Palace ‘bans’ Harry and Meghan from using Sussex Royal brand

Feb 19, 2020
The Duke and Duchess of Sussex launched their new 'Sussex Royal' website after quitting as senior royals. Source: Getty.

After announcing their exit from the senior ranks of the royal family last month, the Duke and Duchess of Sussex wasted no time in unveiling their brand new ‘Sussex Royal’ website which outlined their desire to establish a new life for themselves in North America and become financially independent.

Now though, it appears the couple could have hit a speed bump as reports out of the UK suggest that Her Majesty the Queen is planning to block the couple from being able to promote the brand, on the basis that they should no longer be able to flog themselves as royals.

The Daily Mail is reporting that the Queen, following discussions with senior palace officials, has decided it is no longer appropriate for the Sussexes to use the word royal in their branding, following their shock exit from the front line of the firm earlier this year. However Buckingham Palace has not yet confirmed the reports.

The alleged decision comes after Harry and Meghan splashed out on a brand new website which heavily features the Sussex Royal branding, including in the website address, and follows the aesthetic of their hugely popular Instagram page, which is where they plan to make major announcements going forward.

The couple also applied to globally trademark the term for use on products such as clothing and stationery, as well as campaigning and charitable fundraising.

prince harry meghan markle sussex royal
Harry and Meghan launched a brand new website earlier this year. Source:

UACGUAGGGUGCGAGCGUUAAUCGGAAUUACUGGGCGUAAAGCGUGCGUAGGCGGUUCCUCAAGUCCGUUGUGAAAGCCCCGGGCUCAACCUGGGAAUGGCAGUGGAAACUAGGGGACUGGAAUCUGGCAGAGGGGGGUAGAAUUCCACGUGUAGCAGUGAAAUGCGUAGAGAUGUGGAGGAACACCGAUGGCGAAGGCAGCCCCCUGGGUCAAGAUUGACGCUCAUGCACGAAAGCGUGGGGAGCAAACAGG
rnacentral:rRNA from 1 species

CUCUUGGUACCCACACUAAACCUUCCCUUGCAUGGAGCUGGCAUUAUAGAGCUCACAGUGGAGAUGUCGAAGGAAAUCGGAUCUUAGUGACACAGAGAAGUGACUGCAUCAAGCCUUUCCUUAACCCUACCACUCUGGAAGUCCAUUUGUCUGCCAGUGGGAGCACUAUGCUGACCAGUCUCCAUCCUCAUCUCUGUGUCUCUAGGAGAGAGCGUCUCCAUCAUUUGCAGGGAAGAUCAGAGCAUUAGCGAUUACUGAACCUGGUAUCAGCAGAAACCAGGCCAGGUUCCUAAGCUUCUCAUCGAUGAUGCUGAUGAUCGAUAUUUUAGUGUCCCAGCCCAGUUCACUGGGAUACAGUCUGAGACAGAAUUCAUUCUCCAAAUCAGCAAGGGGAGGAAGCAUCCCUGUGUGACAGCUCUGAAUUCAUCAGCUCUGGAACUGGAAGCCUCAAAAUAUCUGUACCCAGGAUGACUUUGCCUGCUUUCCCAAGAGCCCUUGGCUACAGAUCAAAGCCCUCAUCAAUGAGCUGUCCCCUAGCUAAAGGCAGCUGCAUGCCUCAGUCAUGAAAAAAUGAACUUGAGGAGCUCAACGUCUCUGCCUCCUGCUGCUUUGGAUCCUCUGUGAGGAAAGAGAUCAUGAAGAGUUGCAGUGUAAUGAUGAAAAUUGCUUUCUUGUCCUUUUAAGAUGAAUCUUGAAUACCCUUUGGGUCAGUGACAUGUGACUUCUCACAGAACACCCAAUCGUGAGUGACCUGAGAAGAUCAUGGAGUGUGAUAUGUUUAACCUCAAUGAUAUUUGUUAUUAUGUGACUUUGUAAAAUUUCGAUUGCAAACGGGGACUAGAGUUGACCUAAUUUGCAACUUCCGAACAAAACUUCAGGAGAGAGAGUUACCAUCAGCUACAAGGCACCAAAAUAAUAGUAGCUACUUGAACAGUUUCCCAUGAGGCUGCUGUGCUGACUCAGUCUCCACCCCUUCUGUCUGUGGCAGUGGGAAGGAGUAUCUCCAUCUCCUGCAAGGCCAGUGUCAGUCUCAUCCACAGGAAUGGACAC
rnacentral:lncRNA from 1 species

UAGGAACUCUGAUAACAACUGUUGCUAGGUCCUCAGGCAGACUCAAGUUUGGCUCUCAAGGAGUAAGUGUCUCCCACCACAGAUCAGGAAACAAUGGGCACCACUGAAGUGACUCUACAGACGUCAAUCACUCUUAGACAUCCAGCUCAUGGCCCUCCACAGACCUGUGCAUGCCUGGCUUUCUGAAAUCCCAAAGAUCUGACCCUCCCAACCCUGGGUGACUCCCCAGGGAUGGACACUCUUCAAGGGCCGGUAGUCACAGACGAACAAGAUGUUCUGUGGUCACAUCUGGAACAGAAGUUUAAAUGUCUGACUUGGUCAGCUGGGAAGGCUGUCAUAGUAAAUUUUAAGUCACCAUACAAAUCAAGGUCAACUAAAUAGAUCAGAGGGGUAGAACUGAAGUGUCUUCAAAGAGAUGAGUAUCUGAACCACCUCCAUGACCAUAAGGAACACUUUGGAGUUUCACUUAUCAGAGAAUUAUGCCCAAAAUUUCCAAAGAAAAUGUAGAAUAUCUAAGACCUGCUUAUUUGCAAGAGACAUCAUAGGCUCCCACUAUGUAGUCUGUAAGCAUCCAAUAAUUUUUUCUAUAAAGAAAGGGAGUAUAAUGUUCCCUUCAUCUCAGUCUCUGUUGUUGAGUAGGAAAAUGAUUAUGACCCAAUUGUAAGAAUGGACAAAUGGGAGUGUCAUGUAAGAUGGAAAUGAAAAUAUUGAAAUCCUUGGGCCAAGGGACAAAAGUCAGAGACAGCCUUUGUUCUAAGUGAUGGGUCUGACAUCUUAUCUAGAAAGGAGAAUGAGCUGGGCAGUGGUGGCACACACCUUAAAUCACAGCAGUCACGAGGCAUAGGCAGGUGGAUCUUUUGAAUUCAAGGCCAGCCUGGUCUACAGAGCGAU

The duke and duchess, who are currently living in Canada with young son Archie, first used the Sussex Royal brand in April 2019 when they split from the household of the Duke and Duchess of Cambridge and launched their own Instagram account.

Since then the page has amassed more than 11 million followers and has played host to a number of important announcements, including Meghan’s pregnancy, the subsequent birth of Archie Harrison and, more recently, the couple’s decision to step back from their roles as senior members of the royal family.

View this post on Instagram

“After many months of reflection and internal discussions, we have chosen to make a transition this year in starting to carve out a progressive new role within this institution. We intend to step back as ‘senior’ members of the Royal Family and work to become financially independent, while continuing to fully support Her Majesty The Queen. It is with your encouragement, particularly over the last few years, that we feel prepared to make this adjustment. We now plan to balance our time between the United Kingdom and North America, continuing to honour our duty to The Queen, the Commonwealth, and our patronages. This geographic balance will enable us to raise our son with an appreciation for the royal tradition into which he was born, while also providing our family with the space to focus on the next chapter, including the launch of our new charitable entity. We look forward to sharing the full details of this exciting next step in due course, as we continue to collaborate with Her Majesty The Queen, The Prince of Wales, The Duke of Cambridge and all relevant parties. Until then, please accept our deepest thanks for your continued support.” – The Duke and Duchess of Sussex For more information, please visit (link in bio) Image © PA

A post shared by The Duke and Duchess of Sussex (@sussexroyal) on

The news comes after Harry and Meghan axed all 15 members of their UK staff, providing the biggest hint yet that they have no intention of returning to live in Harry’s home country. Among those who lost their jobs were the couple’s newly appointed private secretary, Fiona Mcilwham, along with their head of communications Sara Latham.

Despite this, Frogmore Cottage will remain the couple’s main UK residence after the Queen announced that they would be allowed to keep the property following ‘Megxit’. The property, in Windsor, was gifted to the Sussexes by Queen Elizabeth as a wedding present, in line with royal tradition.

However as part of the deal – and following a backlash from the British public – the couple agreed to pay back the £2.4 million (AU$4.6 million) of public funds that was spent on refurbishing the lavish home ahead of Archie’s birth last May.

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